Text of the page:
Learn how to make bone broth in the instant pot. Bone broth is nourishing, mineral rich, and packed full of gut healing benefits. It is also the perfect way to support the immune system.
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Bone broth is a staple in our diet, and I am always looking for ways to add it to my cooking. We of course add it to soups, but I also cook rice in bone broth. I even have an amazing bone broth hot chocolate recipe I use it with – I promise it’s not as scary as it sounds.
Like a lot of things that are good, it takes time to make. Making bone broth on the stove top or in a crockpot requires simmering for at least 24 hours. While it is well worth the wait, sometimes I want all of the benefits of bone broth, but much quicker. It was the main reason I have wanted to purchase an instant pot for so long! For a long time pressure cookers have scared me a bit which is why I held off, however, it has proved to be well worth it.
Bone broth is rich in amino acids glycine, proline, and glutamic acid. Glutamic acid converts to glutamine in the body. Glutamine is well recognized for how supportive it is in healing leaky gut. Most of us typically consume muscle meats rather than eating nose to tail, and muscle meats are not a great source of these incredible amino acids.
Bone Broth Should Gel
The boxes of broth you find in grocery store shelves of course do not have the benefits of bone broth. That broth is produced with profit in mind, not your health. If you’re looking to get the gut healing and immune supporting benefits of bone broth, your best bet is homemade. There are some good brands of bone broth on the market, however in my experience most do not gel, and they are expensive.
The reason good quality bone broth becomes solid when cooled is because of it’s high gelatin content. This is due to simmering for a long period of time – or a much shorter period of time, when using a pressure cooker.
If you find your bone broth is consistently not gelling, there are a few things to consider.
- Just cover the bones with filtered water, too much water will dilute the gelatin content of the broth.
- Don’t simmer too long, or not long enough.
- Do the bones you are using contain a lot of connective tissue? This is where the gelatin is.
- Add chicken feet!
Benefits of Making Bone Broth In A Pressure Cooker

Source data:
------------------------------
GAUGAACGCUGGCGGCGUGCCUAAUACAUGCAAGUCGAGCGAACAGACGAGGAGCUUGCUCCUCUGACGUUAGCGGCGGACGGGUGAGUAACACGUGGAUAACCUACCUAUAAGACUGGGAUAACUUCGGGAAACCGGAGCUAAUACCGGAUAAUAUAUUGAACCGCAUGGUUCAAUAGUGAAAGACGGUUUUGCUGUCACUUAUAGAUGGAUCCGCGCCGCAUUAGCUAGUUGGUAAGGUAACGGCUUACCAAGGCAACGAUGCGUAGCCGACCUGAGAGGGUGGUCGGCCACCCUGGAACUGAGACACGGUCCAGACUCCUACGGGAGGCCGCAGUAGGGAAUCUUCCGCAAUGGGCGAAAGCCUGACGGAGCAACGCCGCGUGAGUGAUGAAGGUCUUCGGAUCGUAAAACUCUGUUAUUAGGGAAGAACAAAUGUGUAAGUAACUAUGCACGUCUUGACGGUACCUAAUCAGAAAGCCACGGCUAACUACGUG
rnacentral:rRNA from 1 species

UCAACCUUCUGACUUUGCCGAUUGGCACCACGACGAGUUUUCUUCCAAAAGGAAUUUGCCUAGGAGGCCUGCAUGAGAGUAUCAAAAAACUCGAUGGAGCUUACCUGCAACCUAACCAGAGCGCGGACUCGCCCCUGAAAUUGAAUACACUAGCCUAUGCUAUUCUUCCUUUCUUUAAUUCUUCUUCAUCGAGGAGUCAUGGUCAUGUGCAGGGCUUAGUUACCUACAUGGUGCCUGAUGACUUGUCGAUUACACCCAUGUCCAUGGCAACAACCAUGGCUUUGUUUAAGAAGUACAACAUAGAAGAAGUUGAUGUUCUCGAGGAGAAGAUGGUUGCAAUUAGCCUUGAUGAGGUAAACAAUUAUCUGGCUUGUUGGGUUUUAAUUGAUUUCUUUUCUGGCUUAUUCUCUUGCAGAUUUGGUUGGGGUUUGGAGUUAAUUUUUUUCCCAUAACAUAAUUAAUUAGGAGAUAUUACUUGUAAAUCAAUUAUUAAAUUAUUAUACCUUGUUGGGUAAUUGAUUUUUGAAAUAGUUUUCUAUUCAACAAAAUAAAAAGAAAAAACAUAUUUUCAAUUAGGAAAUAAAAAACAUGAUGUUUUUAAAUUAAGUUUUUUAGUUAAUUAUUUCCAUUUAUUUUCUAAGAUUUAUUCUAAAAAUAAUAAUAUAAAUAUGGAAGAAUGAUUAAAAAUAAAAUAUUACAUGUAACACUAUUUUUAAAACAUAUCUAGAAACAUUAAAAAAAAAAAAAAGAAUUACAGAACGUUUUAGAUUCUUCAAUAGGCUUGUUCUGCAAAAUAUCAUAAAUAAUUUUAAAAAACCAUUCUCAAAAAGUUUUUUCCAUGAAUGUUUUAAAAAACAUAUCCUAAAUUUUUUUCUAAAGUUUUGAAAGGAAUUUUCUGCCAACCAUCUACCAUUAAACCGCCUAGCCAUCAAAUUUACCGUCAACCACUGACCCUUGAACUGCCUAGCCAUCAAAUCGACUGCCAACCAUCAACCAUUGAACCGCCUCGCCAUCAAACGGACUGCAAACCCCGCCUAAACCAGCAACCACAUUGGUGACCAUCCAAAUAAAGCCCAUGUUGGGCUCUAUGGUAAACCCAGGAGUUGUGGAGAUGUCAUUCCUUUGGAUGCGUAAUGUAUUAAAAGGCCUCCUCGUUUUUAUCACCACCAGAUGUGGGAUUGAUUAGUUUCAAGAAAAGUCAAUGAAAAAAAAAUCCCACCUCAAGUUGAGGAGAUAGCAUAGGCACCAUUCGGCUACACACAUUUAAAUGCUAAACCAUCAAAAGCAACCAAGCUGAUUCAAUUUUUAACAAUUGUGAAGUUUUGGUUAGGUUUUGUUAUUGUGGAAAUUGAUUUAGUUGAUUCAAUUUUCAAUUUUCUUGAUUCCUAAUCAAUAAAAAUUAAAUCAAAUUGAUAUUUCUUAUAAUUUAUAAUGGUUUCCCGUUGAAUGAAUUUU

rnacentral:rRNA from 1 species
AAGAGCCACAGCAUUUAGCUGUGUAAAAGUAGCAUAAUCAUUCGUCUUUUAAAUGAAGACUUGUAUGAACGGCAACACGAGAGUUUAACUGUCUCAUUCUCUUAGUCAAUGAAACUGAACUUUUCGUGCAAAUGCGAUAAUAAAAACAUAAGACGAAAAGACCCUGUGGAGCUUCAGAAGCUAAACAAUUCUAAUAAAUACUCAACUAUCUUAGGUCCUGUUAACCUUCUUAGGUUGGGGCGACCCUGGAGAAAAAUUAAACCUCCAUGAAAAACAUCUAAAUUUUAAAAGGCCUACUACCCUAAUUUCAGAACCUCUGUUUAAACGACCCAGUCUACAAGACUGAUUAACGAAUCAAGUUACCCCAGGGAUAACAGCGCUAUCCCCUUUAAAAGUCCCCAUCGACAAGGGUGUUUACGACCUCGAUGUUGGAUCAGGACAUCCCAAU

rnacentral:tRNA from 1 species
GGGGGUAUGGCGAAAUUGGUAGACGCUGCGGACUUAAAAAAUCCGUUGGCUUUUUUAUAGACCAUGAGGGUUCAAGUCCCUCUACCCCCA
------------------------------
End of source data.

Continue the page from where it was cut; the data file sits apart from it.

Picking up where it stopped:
What I love about making bone broth in a pressure cooker is that it takes much less time. I can have a batch done in about 5 hours total rather than a minimum of 24 hours. I also find that by using a pressure cooker I get more consistent results when it comes to my bone broth gelling.
Bone Broth Without A Pressure Cooker
To make bone broth without a pressure cooker, you don’t need much – just more time. You can make bone broth at home on the stove top or in a slow cooker.
To make bone broth on the stove, simply add bones to a large pot, cover with filtered water, and add a splash of apple cider vinegar. Bring to a boil, then reduce to a simmer and cover. Allow to simmer at least 24 hours, up to 72.
To make bone broth in a crockpot, add bones, cover with filtered water, and add a splash of apple cider vinegar. Turn the slow cooker on high until the mixture simmers, then switch it over to the low setting. Strain after at least 24 hours.
Why Add Apple Cider Vinegar To Bone Broth
The reason it is recommended to add apple cider vinegar when making bone broth is because it helps to pull collagen from the connective tissues. Some say it will also help to extract minerals from the bones, but there is some debate on whether that is true or not. I specifically add it to make sure I’m producing a gelatin rich broth. If it helps pull the minerals from the bones as well, that is an added bonus!
What You Need To Make Bone Broth In The Instant Pot
How To Make Bone Broth In The Instant Pot
Start by adding the bones to the bowl of the instant pot. I fill mine about 2/3 of the way full. If using chicken bones, that is usually two leftover carcasses that I have kept in the freezer.
Cover the bones with filtered water.
Add a splash of apple cider vinegar.
Secure the lid of the instant pot and flip the pressure release valve to sealing.
Set the instant pot to manual, low pressure, and then 240 minutes or 4 hours. Turn off the warm function, unless you do want your broth to stay warm after the cycle finishes.
Once the cycle is complete, allow for a natural release. This will likely take an hour.
Strain the broth through a fine mesh strainer. Transfer to glass mason jars once the broth has cooled.
A layer of fat will form on top of the broth. As it cools, this will become solid. If that layer is left in tact your broth will stay good for weeks in the fridge. Once that fat seal is broken, you will want to use it up within a few days.
- Chicken or beef bones
- Filtered water
- 2 tbsp apple cider vinegar
- 1-2 chicken feet (optional)
- Add bones to the instant pot insert. Fill about 2/3 of the way full.
- Fill until just covered with filtered water.
- Add 2 tbsp apple cider vinegar.
- Close the lid and flip the pressure valve to sealing.
- Set the instant pot on manual, low pressure, 240 minutes.
- Once the cycle is complete, allow a natural release.
- Strain the broth and transfer the cooled broth to glass mason jars.
- Store in the fridge.
- When the layer of fat is formed on top of your broth, it will seal it. When that layer is left undisturbed the broth will stay fresh for at least 2 weeks in the fridge. Once the seal is broken use the broth within a few days. Alternatively, leave plenty of head space in a wide mouth jar and freeze the broth.
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